Category Archives: leadership

Launching a training ministry: Two prerequisites… and a cherry on top

Last week, I posted “How to Plant a Seminary in Four Steps” and drew from the example of the Berea ministry in Spain, which began with a conference ministry in order to launch a seminary to train Bible expositors. I closed alluding to prerequisites without which the four steps would be ineffective.

BK Smith, lead pastor at Oaklands Chapel in Victoria, British Columbia, nailed the first and most importanta model church. He is absolutely right when he comments:

I think these steps are all well and good, but I find many people forget how crucial it is to have a healthy church that models what a Biblical Church should look like. I define a healthy church as a faithful, disciple making, community impacting church … obviously by being faithful to preaching God’s Word, developing men and women in the church by discipling them and training them to disciple and then to impact those around them. A healthy church is NOT just having a rock solid doctrinal statement and believing all the right things … I also believe we need to see fruit along with faithfulness in these churches.

So in order of importance, here are two prerequisites… and a cherry on top.

  • A model church
    A ministry training pastors and leaders in expository preaching must have a strong, healthy church where expository preaching is on display. The class room instructors need to be able to point to a church where the principles are in practice, and say “That’s what we’re after!” If you don’t have a model church, you’ll need to plant the church before you can plant the seminary.

  • Qualified character and skill on the ground
    The personnel launching the start-up will by necessity wear many hats. In addition to seminary training (these men will become the professors of the new seminary), they also need to be men of godly character and be able to manage their own homes (i.e., they need to be elder-qualified [1 Timothy 3:1-7; Titus 1:5-9]). They’ll need to be all this, plus be administrators and event coordinators all while serving as their own secretaries.
    (If you know someone like this, pray for him!)

  • Relationships with visiting instructors
    17146_wpm_ cherry 300While perhaps possible in principle to do without, for the conference start-up to work, it really helps to have a pool of guest lecturers committed to make periodic international trips (probably on their own dime) to teach at your new school. The visiting instructors don’t have to be famous, but they do need ministry experience. Seasoned pastors and teachers as visiting instructors will balance the relative inexperience of the young bucks trying to get the new seminary off the ground. Also, the experienced visiting instructor has the advantage of being able to draw from previous teaching series to reuse the content without having to write something fresh for another conference every several months.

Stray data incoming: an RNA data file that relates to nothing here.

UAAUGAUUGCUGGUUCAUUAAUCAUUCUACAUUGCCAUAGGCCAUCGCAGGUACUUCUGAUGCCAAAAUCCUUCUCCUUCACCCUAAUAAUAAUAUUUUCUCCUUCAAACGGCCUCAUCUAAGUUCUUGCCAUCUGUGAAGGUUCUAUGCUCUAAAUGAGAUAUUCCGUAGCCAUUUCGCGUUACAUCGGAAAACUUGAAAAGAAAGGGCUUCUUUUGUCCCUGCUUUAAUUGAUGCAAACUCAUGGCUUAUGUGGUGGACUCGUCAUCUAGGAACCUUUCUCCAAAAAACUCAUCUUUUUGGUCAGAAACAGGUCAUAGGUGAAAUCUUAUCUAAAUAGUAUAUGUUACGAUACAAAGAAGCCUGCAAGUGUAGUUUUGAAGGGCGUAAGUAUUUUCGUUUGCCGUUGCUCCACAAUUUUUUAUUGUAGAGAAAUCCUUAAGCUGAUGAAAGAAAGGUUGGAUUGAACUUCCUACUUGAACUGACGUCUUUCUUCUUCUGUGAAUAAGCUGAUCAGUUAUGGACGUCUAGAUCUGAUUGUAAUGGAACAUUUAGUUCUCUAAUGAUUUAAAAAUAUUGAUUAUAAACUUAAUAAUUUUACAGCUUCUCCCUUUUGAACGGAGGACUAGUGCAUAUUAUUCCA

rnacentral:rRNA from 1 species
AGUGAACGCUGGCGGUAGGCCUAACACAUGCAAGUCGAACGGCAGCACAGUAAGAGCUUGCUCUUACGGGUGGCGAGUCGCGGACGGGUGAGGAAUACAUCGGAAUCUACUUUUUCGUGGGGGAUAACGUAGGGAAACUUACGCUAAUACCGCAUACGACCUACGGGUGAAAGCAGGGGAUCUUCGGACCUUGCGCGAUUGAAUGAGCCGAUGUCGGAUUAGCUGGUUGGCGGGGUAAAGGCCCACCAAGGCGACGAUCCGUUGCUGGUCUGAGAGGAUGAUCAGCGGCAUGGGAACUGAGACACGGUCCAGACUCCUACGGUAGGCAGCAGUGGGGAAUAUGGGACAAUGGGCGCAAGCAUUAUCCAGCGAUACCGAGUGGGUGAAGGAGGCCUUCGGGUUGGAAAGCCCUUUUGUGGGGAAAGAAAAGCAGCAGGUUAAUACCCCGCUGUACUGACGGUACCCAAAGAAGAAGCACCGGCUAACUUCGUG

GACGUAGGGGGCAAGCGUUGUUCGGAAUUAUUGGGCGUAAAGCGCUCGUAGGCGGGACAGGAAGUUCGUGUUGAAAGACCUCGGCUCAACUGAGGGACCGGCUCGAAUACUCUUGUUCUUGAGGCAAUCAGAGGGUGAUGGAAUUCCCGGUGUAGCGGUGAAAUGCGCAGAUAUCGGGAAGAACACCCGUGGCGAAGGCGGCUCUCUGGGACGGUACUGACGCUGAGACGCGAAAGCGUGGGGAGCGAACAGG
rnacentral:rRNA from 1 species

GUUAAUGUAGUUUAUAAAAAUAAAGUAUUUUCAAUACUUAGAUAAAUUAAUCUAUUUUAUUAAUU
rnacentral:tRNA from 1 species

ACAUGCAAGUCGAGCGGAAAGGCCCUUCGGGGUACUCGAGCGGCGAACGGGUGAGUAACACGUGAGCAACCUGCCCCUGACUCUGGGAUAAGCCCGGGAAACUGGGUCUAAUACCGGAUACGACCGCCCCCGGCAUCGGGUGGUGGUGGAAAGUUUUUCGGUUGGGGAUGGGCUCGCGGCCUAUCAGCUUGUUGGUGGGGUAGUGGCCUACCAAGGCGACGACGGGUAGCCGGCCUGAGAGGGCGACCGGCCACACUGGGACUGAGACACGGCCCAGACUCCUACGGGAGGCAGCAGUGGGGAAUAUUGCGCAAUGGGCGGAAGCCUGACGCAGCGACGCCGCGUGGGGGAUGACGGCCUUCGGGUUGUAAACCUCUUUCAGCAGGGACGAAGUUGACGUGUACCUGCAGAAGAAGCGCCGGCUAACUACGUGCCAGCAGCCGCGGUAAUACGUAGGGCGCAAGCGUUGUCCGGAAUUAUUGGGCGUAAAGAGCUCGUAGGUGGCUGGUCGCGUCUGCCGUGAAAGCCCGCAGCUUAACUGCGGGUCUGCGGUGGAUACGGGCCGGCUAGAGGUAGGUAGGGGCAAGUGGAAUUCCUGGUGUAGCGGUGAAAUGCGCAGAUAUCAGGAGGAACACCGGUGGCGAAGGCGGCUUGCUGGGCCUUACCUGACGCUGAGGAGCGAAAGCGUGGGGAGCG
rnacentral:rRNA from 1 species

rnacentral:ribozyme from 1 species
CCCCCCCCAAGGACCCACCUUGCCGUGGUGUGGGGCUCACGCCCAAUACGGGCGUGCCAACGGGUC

I’m excited for David Robles and his team at Berea in Leon, Spain. They are doing a great job, and God is granting growth to their new ministry. Furthermore, their model and progress encourages us in our work in Brazil.

 ¡Que Dios les bendiga!

Have I left something out? What else might one need to consider when preparing to plant a ministry to train pastors and leaders for the church?

How to Plant a Seminary in Four Steps — A Case Study from Spain

You’ve heard of church planting missionaries. How about seminary planting missionaries?

David Robles is a friend and fellow alumnus from The Master’s Seminary. He is also a missionary in his native Spain planting a ministry equipping pastors and leaders in the church.

David Roble’s ministry, Berea, was featured by The Master’s Academy International in their April Missions Mobilization Memo. The memo’s purpose is to seek additional funding for Berea’s next growth phase, but the article itself describes an excellent strategy for getting a new seminary up and running.

Plant a seminary in 4 steps (TMAI MMM 4-14)

You may click on the image with my highlights and annotations to enlarge it, or read the article at the TMAI website. But here is Berea’s strategy:

  1. Conference ministry
    In their first year, Berea began holding conferences every three months. They addressed theological and practical ministry issues while modeling expository preaching. These conferences attracted pastors from a wide area and earned the host church a reputation for fidelity in preaching God’s Word.
  2. Train leaders at home
    In their second year, Berea began a weekly program in expository preaching, training the elders and leaders of their own church.
  3. Take the training on the road
    In their third year, Berea exported the expository preaching training from home, and offered the same to a group from six different churches in another region. Word spread, and other churches expressed a desire to participate.
  4. Launch the seminary
    This fall, almost five years from inception, Berea is launching a three-year, modular training program emphasizing Bible interpretation, exegesis, pastoral ministry and expository preaching. Berea has 30 students signed up, with more expressing interest.

Obviously there are other ways to start a new seminary. A seminary professor of mine, in a class on starting church-based training ministries, said, “Pity the man who tries to launch a full MDiv program all at once from scratch. Better to just start teaching one class. Then add another. And then another.”

One advantage of the model from Berea in Spain, is that while tethered to one local church, the conference ministry start-up rapidly builds recognition in the field and at the same time, builds productive relationships with mature ministries through visiting conference speakers.

More could be said about prerequisites that need to be in place before planting a seminary whether via a conference ministry or any other strategy, but that is a post for a different time.

Question: The above aren’t exactly four “easy” steps to planting a seminary, but they strike me as refreshingly clear and doable. What is your reaction to the four-point strategy above?

Ordination of Pastor Luiz

“The first time I visited this church,” says Luiz, “I was living on the street, addicted to drugs, … And I smelled really bad.”

That was 20 years ago. But God saved Luiz, who then spent the next 14 years rescuing more addicts and street dwellers. Along the way, God brought Luiz his beautiful wife Guiomar (who cares for children Sundays in the nursery).